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Wildlife encounters on the rise in Sonoma’s wooded regions

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In case of bear...

Proper etiquette goes a long way when enjoying the outdoors in bear country, and short reminders like the following are helpful to keep in mind.

• Leave pets at home.

• Do not approach a bear.

• Do not veer from trails.

• Do not speak loudly.

• Speak softly and calmly.

• Do not feed bears.

• Do not help orphaned or sick bears, there is often a mother nearby.

• Lastly, give bears their space, they need to feel like they are not challenged and have enough room to pass freely.

If attacked by a mountain lion, NPS advises to fight back, face the animal and try your best to remain on your feet while doing so since mountain lions are known to direct their bites toward the head or neck.

If you experience a sighting or attack, immediately report the details to a park ranger at a park visitor center or call (415) 464-5170 so that necessary protocol may be taken to ensure the health and safety of others.

So far this year, four Sonoma County regions have experienced bears in their midst, including Sugarloaf Ridge State Park, which recently reported a black bear ambling across a critter-cam’s view on July 13 – and the next day at nearby Hood Mountain, caught by another critter-cam (a motion-activated camera located to keep tabs on wandering wildlife).

Other places also received bear reports, including downtown Healdsburg in May when a young black bear wandered city streets almost to the town plaza before returning to its lair, somewhere on Fitch Mountain. Santa Rosa and Sebastopol residents also reported late-night sightings. Windsor and Sebastopol have also caught glimpses of traditionally elusive mountain lions, with sightings in both June and July, respectively.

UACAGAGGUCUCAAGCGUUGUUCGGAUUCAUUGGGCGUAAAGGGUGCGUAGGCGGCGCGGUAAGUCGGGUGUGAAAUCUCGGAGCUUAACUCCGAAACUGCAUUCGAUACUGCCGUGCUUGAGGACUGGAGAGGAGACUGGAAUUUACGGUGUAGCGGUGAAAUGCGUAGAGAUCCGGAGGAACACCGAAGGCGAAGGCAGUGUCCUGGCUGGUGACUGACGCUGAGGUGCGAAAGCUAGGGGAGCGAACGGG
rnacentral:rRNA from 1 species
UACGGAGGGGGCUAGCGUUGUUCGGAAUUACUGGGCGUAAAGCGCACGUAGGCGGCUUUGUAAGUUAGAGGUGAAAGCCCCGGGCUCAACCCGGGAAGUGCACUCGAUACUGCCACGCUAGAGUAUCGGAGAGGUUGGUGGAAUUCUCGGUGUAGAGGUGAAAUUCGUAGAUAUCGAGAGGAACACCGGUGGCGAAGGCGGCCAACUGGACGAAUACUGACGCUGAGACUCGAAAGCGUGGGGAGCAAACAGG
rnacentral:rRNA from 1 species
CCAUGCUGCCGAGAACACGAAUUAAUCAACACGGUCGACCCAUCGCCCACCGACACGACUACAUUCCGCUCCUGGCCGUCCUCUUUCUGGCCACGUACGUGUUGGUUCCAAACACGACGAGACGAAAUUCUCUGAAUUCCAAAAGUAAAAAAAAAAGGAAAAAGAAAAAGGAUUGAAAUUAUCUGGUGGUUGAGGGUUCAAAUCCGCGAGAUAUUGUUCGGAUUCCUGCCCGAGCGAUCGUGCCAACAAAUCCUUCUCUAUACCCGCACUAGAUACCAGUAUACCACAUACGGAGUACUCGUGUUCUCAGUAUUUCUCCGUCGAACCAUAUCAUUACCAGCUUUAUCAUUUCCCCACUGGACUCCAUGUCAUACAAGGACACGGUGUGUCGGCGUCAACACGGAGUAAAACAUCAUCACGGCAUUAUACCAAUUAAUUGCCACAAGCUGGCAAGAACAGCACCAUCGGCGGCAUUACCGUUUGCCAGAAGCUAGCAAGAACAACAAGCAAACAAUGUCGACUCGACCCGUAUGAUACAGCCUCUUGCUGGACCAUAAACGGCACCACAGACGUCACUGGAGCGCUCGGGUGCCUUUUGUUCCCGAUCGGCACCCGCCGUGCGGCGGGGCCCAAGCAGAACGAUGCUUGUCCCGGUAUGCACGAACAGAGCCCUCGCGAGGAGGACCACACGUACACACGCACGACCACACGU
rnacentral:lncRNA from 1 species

For many locals, the news that bears are back is good news. John Roney, park manager at Sugarloaf Ridge State Park, said when black bears with cubs were seen in 2015 for the first time in many years, it signified a full-time presence, not just a transient presence of black bears.

“After the fires, we were curious to see if the bears remain in the area. With the bears spotted at Hood Mountain Regional Park six or so weeks ago, it is some evidence, though not proof, that the bears are living around here as opposed to passing through.”

Roney isn’t sure why they have moved back in now. He suggested that bear populations in the north and east of the Mayacamas Mountain reached the area’s carrying capacity, and the bears moved to seek less populated areas.

Or perhaps it was just the fact that in the last few years the drop in the price of animal-sensing cameras has made them more ubiquitous, so rangers like Roney are just noticing the mountain lions and bears who have been here all along.

The July sightings were caught on one of 12 remote cameras set up in Sugarloaf, like those installed in most area parks to maintain a pulse on the region’s wildlife.

“Ironically, our new camera team set up their first camera the day before the fires started,” he said.

He said that the cameras are primarily used to track what animals are in the park and to create time-lapse photos to document plant regrowth and for education and engagement.

“Everybody loves a good animal photo,” he added.